Toddlers and preschoolers are gaining a new sense of autonomy with their growing mobility and language development. They look to move around freely, say all the new words they hear even if they don't know what they mean, and absorb all the new learning opportunities put in front of them or simply around them. However, if they appear exhausted with all their activities, it's important to know what parents can do to limit their tasks to remedy what may be worrying them. Mental exhaustion is just as common as physical exhaustion.
Ten Tips for Parenting Toddlers and Preschoolers
1. Help them learn how to follow directions by giving just one instruction at a time. Slowly increase to two or three so they are always successful. If you have an exhausted child, perhaps you are giving them too many directions at once and they are overwhelmed. Curtail the instructions to just one and show you are grateful.
2. Praise them for their successes with detail. Not just "Great Job" but "You sure put all those blocks in the bin. Great and thanks." Then they know exactly what to repeat the next time. Exhausted children thrive with detailed praise, not just general comments that slide right by them.
3. Avoid using the words "NO!" and "DON'T" it shakes them up rather than give them a sense of what to do. Instead say, "Please do this now" or "Try it this way." It isn't judgmental and emphasizes what to do, not what not to do!
4. Teaching little ones how to follow a sequence is an important skill. This relieves exhaustion because they know what to expect. Predictability is a key element for the exhausted child. For example, say, "First, you put the blocks in a pile. Then you sort them from little to big in a row." Or, (if they know colors) "put all the yellow, blue, red, etc. blocks together." "Next, you put them on the shelf." Praise each task and repeat the instructions as needed. If you're child seems glazed over because of exhaustion, stop the task and offer affection or maybe read a book. Don't press learning sequences at that time.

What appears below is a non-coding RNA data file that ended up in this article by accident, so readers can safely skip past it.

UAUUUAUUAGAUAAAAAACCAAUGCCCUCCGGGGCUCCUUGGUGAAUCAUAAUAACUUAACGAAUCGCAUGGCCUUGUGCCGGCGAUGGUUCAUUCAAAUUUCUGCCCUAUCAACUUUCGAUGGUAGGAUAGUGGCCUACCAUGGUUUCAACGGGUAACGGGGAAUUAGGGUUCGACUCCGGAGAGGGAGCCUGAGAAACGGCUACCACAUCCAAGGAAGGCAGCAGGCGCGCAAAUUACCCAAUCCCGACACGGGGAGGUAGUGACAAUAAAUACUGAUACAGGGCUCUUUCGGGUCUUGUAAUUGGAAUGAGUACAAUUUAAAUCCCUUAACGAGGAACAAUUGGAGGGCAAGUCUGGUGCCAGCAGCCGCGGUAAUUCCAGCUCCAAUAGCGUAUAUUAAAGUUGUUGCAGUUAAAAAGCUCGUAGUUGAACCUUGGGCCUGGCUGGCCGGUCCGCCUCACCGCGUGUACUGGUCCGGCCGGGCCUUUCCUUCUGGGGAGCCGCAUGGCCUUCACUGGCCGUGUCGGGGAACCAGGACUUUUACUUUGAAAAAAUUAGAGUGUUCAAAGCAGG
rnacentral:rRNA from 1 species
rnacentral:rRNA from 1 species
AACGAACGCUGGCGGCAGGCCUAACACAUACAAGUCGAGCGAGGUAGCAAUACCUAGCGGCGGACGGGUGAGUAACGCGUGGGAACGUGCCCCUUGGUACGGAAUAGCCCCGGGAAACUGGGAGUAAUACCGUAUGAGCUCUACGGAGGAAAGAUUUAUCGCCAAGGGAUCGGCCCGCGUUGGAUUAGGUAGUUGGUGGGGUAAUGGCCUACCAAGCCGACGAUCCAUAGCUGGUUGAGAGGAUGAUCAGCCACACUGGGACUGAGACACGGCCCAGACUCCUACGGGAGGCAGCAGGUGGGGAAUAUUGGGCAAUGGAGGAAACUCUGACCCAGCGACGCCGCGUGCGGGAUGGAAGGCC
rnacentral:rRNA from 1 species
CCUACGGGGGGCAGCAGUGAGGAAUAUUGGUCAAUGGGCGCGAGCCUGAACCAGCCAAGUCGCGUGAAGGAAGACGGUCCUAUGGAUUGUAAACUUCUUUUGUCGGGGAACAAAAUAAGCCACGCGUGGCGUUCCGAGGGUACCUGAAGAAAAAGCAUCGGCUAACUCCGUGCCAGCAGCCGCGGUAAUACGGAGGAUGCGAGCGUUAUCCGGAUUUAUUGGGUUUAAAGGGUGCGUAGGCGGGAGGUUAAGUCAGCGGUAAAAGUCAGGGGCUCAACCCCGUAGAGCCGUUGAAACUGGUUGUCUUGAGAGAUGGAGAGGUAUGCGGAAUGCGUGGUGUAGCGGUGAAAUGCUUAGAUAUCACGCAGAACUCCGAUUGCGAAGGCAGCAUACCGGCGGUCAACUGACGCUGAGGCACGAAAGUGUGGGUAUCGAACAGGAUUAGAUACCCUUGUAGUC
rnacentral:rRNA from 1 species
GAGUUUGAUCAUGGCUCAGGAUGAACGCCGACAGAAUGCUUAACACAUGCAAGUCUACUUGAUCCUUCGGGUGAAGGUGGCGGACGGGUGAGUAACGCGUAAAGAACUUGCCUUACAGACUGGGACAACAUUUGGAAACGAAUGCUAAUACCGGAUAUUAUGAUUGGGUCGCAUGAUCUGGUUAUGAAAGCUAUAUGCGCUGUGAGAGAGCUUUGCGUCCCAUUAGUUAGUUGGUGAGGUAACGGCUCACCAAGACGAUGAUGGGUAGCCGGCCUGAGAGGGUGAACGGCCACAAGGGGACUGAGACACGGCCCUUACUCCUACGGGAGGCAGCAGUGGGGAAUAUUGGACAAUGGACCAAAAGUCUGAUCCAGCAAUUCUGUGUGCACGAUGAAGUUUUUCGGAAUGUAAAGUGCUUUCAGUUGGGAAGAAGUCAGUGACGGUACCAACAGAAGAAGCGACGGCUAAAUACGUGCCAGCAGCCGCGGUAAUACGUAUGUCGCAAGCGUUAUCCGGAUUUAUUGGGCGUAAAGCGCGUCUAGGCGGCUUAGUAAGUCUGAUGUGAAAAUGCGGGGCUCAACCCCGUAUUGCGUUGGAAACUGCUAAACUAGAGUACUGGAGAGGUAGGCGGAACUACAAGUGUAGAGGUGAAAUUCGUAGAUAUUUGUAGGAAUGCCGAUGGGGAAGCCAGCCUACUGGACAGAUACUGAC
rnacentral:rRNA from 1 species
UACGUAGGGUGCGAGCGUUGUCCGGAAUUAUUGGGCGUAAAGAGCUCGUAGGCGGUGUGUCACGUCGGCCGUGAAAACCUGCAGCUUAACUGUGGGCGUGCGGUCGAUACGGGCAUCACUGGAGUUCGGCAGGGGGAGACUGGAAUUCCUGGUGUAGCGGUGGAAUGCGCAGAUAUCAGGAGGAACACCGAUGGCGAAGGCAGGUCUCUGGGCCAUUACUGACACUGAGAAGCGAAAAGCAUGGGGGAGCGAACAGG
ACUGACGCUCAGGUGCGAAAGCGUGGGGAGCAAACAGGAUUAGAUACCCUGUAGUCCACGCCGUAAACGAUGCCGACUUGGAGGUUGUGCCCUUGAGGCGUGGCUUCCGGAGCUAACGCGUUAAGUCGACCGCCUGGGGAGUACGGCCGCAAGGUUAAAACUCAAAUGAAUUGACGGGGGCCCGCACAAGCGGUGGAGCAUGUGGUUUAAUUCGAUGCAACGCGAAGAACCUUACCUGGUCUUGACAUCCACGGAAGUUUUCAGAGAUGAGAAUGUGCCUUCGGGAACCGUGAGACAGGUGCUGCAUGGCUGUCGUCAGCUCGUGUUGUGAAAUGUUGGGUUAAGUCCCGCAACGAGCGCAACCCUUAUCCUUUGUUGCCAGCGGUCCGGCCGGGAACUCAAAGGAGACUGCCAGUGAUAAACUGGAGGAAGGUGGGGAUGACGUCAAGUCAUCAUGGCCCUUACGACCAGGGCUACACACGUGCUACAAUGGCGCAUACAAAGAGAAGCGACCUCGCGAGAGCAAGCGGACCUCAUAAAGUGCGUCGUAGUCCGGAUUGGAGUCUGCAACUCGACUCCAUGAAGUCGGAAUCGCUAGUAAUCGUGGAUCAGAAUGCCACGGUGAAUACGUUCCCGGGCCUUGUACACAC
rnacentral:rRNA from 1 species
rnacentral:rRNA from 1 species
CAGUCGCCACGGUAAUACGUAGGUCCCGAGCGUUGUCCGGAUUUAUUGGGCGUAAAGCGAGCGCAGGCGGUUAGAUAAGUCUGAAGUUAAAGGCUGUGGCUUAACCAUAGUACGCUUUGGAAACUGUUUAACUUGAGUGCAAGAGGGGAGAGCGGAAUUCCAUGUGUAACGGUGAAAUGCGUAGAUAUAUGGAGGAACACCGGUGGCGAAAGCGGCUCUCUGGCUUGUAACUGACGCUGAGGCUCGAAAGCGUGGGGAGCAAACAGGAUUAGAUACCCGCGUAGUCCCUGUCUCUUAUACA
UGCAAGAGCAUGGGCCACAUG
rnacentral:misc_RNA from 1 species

5. Very early on you can teach letters if and only if your child is interested. Reading "readiness" is essential or you will exhaust a child that isn't capable at the time despite your excitement. If you proceed, do so slowly and always make it fun to reduce mental fatigue.
Begin with capitals and begin with the first letter of their name. Put the letter on the fridge, on their door, on their closet, etc. Always teach the letter before the sound. Once they understand R is for Richard or E is for Eddie, then say R is for "r-r-r-r" amd E is for "e-e-e-e." Slowly build on capital letters for fruit or every day items with their beginning letters.B is for banana." What else starts with B?
6. Stemming exhaustion is easily done by reading to your child. Read to your child every day. Don't save it only for bedtime. Make it part of any calm down time needed. Toddlers love picture books that don't even have words. Preschoolers begin to memorize easy short books that are read over and over to them. Slowly introduce books with words. Avoid screens at first. Kids like tangible pages they can turn.